The Minister for Agriculture, Food and the Marine Charlie McConalogue has ruled out temporary changes to the Green Low-Carbon Agri-Environment Scheme (GLAS) as a way to meet any shortfall in fodder this year.

Independent TD Michael McNamara called on the minister to allow the temporary adjustments which he said would enable farmers in the scheme to cut more hay and silage.

Speaking in the Dáil yesterday (Thursday, May 26), the Co. Clare representative said:

“Farmers with low-input permanent pasture cannot cut hay and silage if they are in GLAS. The Minister is trying to incentivise them to do so but they cannot.

“Will they, on a temporary basis for this year or for as long as this fertiliser crisis lasts, be allowed to cut silage?

“Likewise, traditional hay meadows can only be cut once because cutting can only take place after a certain deadline [July 1]. Will that deadline be brought forward to allow for a second cut this year?” McNamara asked.

meadow GLAS

In response, Minister McConalogue said that he wants to ensures that farmers get payments from schemes such as GLAS.

“It is important that the conditions of the schemes are met in order to make sure that the income is available.

“If we can ensure that farmers do what they normally do and grow grass as well as they normally do, using the land that they have, we will be in a good position next year,” he said.

The minister pointed to the recently announced silage support scheme which will reward farmers with a €100/ha payment for all silage cut up to a maximum of 10ha.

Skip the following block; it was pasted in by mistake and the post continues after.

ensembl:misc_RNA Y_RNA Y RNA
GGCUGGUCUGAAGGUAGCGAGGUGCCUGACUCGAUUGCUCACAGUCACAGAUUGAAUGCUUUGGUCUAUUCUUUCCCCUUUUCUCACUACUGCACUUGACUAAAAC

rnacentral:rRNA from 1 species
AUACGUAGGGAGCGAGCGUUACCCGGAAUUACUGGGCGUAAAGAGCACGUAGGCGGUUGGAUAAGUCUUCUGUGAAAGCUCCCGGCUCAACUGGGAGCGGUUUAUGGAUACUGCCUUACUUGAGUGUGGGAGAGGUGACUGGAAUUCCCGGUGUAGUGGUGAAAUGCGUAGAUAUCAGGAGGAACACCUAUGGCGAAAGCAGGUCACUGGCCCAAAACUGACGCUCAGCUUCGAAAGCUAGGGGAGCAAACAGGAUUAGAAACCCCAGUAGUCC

“We all know that by next March or April we will not be able to grow grass or do much in relation to fodder here. As Minister, I will not be able to import fodder as I might have done in previous years.

“We do not have that safety valve. We also cannot be sure that we will have the safety valve of increasing the grain fed to cattle to mitigate a fodder shortage because we cannot be sure that there will be an adequate supply of grain available,” McConalogue said.

“What we can do is work now to grow grass, silage and hay. That is why the department [of agriculture] and my ministerial colleagues and I are working with farmers to back them in preparing for next winter and spring by putting the fodder scheme in place.

“My message to farmers is to continue doing what they are doing, in terms of really stepping up. It is very important that we recognise that now is the time to act to prevent challenges arising next winter and spring,” he added.

Deputy McNamara also asked if Minister McConalogue if he has sought to have the EU tariffs on fertiliser imports reduced or abolished.

“I have asked for that. It is disappointing that we have not had action on it yet but I have been asking for it,” the minister replied.